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Surgical Techniques   |    
Distal Femoral Varus Osteotomy for Osteoarthritis of the Knee
Jun-Wen Wang, MD1; Chia-Chen Hsu, MD1
1 Department of Orthopaedic Surgery, Chang Gung Memorial Hospital at Kaohsiung, 123, Ta Pei Road, Niao Sung Hsiang, Kaohsiung, Taiwan, Republic of China. E-mail address for J.-W. Wang: lee415@adm.cgmh.org.tw
View Disclosures and Other Information
The original scientific article in which the surgical technique was presented was published in JBJS Vol. 87-A, pp. 127-133, January 2005
The authors did not receive grants or outside funding in support of their research for or preparation of this manuscript. They did not receive payments or other benefits or a commitment or agreement to provide such benefits from a commercial entity. No commercial entity paid or directed, or agreed to pay or direct, any benefits to any research fund, foundation, educational institution, or other charitable or nonprofit organization with which the authors are affiliated or associated.
Investigation performed at the Department of Orthopaedic Surgery, Chang Gung Memorial Hospital, Kaohsiung, Taiwan, Republic of China

The Journal of Bone and Joint Surgery, Incorporated
J Bone Joint Surg Am, 2006 Mar 01;88(1 suppl 1):100-108. doi: 10.2106/JBJS.E.00827
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Abstract

BACKGROUND: Distal femoral varus osteotomy is a procedure that is performed for the treatment of lateralcompartment osteoarthritis of the knee as well as for correction of the associated valgus deformity. However, its role remains controversial and its efficacy in the treatment of associated patellofemoral arthritis has not been well studied. The purpose of the present study was to evaluate the outcome after distal femoral osteotomy performed for the treatment of painful genu valgum and to assess the influence of patellofemoral arthritis on the results.

METHODS: Thirty patients (thirty knees) were managed with distal femoral varus osteotomy for the treatment of noninflammatory lateralcompartment arthritis of the knee associated with a valgus deformity. Twelve knees had isolated lateral-compartment arthritis, ten had mild-to-moderate degenerative changes in the other two compartments, and eight knees had severe patellofemoral arthritis in addition to lateral-compartment disease. The osteotomy site was fixed with a 90° blade-plate. After a mean duration of follow-up of ninety-nine months, all patients were evaluated with use of the Hospital for Special Surgery knee-rating system and a physical examination.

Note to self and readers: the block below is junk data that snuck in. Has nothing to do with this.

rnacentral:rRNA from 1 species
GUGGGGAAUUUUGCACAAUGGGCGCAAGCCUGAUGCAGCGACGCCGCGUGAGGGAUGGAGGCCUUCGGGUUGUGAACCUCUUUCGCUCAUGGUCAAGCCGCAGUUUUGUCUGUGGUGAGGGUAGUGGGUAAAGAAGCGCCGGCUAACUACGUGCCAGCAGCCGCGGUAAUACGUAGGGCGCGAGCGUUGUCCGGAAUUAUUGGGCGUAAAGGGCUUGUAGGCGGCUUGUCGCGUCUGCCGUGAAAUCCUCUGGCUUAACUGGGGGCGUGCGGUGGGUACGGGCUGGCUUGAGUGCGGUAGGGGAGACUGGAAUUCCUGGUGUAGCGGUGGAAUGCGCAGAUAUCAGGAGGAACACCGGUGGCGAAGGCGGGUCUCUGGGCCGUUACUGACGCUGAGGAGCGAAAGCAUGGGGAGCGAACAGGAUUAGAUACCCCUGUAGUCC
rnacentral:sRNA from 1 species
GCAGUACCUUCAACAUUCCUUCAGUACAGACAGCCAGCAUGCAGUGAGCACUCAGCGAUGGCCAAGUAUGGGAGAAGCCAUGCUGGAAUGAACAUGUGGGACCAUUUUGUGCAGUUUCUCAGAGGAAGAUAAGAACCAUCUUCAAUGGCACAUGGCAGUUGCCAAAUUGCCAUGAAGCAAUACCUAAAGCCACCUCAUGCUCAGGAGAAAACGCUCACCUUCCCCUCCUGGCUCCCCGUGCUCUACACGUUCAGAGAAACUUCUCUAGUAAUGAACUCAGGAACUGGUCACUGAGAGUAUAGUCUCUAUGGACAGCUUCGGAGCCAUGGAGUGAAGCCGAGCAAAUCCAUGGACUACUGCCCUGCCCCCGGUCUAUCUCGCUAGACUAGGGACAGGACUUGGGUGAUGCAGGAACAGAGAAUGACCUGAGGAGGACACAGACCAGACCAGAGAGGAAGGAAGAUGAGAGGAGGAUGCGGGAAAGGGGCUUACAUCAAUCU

RESULTS: At the time of the most recent follow-up, twenty-five patients (83%) had a satisfactory result and two had a fair result according to the Hospital for Special Surgery rating system. The remaining three patients had had a conversion to a total knee arthroplasty. With conversion to total knee arthroplasty as the end point, the cumulative ten-year survival rate for all patients was 87% (95% confidence interval, 69% to 100%). Improvement in patellar tracking, which persisted at the time of the latest follow-up, was observed in seven of the eight knees with associated severe patellofemoral arthritis.

CONCLUSIONS: Distal femoral varus osteotomy with blade-plate fixation can be a reliable procedure for the treatment of lateral-compartment osteoarthritis of the knee associated with valgus deformity. The result of the osteotomy does not appear to be affected by the presence of severe patellofemoral arthritis.

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    Accreditation Statement
    These activities have been planned and implemented in accordance with the Essential Areas and policies of the Accreditation Council for Continuing Medical Education (ACCME) through the joint sponsorship of the American Academy of Orthopaedic Surgeons and The Journal of Bone and Joint Surgery, Inc. The American Academy of Orthopaedic Surgeons is accredited by the ACCME to provide continuing medical education for physicians.
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